Hey there, time traveller!
This article was published 20/11/2010 (4024 days ago), so information in it may no longer be current.
There were about a dozen faces to remember, a dozen names, and a dozen stories swept behind the push of history.
On Saturday, the sixth annual Winnipeg Transgender Day of Remembrance drew advocates and allies to Thunderbird House to remember those who lost their lives to violence, stigma or other facets of prejudice against people who identify as a gender that isn't the one assigned to them at birth.
"I'm involved for my sisters who have passed on," said Alaya McIvor, 27, who serves on the WTDOR committee.
Among those sisters: Divas Boulanger, who was slain in 2004 when she was 28 years old. In July, six years after Boulanger was murdered and her body dumped outside Portage la Prairie, RCMP arrested a suspect.
If the arrest added an urgency to this year's day of remembrance -- which is marked across the world -- it also offered encouragement. "(It shows) that trans women's murders are being treated with the respect of any other person, and getting the attention they need to not go into cold case," said Albert McLeod, an advocate.
This attention is needed all too often. Transgender people, advocates point out, are still at risk, disproportionately so. Sometimes ostracized from families and communities, sometimes marginalized, many trans people struggle to find a space to survive.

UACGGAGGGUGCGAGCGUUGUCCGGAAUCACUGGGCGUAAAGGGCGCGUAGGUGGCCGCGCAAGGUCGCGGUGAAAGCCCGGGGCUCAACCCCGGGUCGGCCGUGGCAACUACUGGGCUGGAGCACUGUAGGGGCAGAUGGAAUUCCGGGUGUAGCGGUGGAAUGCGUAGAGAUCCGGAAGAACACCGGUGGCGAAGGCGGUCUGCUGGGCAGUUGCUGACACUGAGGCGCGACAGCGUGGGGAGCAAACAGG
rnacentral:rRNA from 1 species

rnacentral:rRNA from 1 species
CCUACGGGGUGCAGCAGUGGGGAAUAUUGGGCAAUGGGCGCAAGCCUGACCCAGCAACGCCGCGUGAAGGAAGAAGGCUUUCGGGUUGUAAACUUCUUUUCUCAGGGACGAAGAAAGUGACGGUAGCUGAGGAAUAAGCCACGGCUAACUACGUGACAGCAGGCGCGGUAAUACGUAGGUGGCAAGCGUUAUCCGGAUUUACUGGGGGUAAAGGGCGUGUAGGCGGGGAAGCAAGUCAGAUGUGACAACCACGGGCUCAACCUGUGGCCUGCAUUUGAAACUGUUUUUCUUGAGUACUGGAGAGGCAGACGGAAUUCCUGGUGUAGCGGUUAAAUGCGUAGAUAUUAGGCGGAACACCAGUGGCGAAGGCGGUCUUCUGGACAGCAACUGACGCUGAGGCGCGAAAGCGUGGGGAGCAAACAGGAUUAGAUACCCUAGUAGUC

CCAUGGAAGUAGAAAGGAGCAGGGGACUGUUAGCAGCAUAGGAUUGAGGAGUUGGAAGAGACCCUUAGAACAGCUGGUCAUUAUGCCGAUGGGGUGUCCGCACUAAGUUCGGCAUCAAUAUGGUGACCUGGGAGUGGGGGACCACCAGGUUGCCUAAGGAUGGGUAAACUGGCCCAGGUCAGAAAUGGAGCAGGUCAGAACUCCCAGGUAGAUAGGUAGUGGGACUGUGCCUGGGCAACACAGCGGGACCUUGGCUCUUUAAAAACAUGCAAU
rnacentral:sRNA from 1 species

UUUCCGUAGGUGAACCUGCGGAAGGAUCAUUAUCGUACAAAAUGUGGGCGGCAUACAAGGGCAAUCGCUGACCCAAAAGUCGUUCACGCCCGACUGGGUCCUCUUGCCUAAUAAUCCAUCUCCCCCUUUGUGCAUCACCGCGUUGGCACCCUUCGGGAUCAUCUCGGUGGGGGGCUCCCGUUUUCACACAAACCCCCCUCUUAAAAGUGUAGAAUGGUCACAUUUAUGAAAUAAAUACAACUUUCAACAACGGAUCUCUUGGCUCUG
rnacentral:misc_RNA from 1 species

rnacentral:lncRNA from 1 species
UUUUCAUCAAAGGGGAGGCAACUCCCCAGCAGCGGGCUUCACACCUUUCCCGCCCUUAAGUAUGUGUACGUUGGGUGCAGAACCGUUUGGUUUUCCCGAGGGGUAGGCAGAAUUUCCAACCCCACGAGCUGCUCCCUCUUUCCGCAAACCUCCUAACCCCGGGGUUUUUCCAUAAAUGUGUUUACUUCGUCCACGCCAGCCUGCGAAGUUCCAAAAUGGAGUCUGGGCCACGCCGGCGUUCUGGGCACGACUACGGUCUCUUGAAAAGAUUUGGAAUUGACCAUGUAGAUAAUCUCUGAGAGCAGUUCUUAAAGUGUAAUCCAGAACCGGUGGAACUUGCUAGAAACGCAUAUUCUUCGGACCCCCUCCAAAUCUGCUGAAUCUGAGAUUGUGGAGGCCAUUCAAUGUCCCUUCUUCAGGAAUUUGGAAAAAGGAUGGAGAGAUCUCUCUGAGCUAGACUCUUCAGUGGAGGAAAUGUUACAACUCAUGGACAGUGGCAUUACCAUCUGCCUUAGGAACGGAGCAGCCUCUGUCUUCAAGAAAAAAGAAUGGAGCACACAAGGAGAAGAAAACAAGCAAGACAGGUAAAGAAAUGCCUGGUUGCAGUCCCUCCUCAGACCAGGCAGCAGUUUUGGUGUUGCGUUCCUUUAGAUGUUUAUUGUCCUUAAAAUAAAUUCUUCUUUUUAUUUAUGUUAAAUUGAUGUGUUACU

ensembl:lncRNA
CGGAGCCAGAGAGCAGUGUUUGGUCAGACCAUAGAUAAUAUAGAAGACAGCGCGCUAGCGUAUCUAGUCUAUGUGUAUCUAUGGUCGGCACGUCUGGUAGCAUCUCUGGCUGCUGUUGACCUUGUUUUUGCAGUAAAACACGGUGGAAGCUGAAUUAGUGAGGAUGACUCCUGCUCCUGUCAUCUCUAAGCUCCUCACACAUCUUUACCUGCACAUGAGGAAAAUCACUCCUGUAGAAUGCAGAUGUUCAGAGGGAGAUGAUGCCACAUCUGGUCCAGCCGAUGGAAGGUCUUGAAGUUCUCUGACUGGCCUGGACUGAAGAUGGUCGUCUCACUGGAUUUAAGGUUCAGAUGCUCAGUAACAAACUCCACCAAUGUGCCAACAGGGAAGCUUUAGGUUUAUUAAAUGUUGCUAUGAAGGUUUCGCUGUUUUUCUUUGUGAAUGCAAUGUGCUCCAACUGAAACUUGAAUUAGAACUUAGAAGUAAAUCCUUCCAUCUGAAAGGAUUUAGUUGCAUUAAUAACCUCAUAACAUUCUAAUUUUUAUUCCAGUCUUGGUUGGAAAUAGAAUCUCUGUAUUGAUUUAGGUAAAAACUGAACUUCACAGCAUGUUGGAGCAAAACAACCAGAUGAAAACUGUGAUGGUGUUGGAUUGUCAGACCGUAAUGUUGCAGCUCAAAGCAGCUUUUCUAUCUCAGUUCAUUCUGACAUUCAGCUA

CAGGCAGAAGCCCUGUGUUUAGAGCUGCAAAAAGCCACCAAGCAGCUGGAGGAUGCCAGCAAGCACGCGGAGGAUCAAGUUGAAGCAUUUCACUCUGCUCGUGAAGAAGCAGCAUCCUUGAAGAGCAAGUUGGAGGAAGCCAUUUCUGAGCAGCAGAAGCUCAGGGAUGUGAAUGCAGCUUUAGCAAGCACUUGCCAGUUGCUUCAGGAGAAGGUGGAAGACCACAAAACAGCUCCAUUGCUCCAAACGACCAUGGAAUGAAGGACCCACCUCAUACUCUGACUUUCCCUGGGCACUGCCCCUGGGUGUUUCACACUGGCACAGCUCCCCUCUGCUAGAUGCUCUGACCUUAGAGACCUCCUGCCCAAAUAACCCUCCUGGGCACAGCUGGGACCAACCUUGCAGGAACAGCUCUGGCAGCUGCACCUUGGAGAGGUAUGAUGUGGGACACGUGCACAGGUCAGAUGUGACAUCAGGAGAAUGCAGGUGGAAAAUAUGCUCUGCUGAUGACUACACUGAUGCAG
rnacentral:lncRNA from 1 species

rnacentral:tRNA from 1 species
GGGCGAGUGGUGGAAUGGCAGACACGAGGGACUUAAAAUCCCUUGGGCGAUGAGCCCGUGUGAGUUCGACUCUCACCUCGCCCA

Some, like Divas, wind up on the streets. And when the worst befalls, their memories are tied up in a media narrative that often insists on calling them names they didn't call themselves, and pronouns they never wanted.
"Media have a big role in educating the public," McIvor said. "It doesn't help when the media label transgender or transsexual people. I believe how a person lives their lives is their preference. Everyone is different... and we need allies, for example the media, to stand up for the transgender community."
There has been some progress in awareness and acceptance of transgender people in Manitoba, he said. For instance, aboriginal spiritual ceremonies can contain gendered roles; in recent years, he says, he's seen more ceremonies in which transgender people are welcomed.
In social services, some North End agencies have invited transgender people to speak to participants.
But there are other stumbling blocks: addictions programs, for instance, that offer gendered programs that may force transgender people into therapeutic environments with people who are prejudiced against them. There are still failures of the health care system to support and respect transgender people's health needs.
And there are still cases like Divas. And in every case, McLeod added, think of what's been lost.
"They bring something to the circle, and the circle isn't complete without them," he said. "If you shut them out, you can't fully experience what a family could be, what a community could be. Everyone who comes to that circle brings a gift."
"It's not people asking to be let in, it's people asking to be recognized who have always been there."
Melissa Martin reports and opines for the Winnipeg Free Press.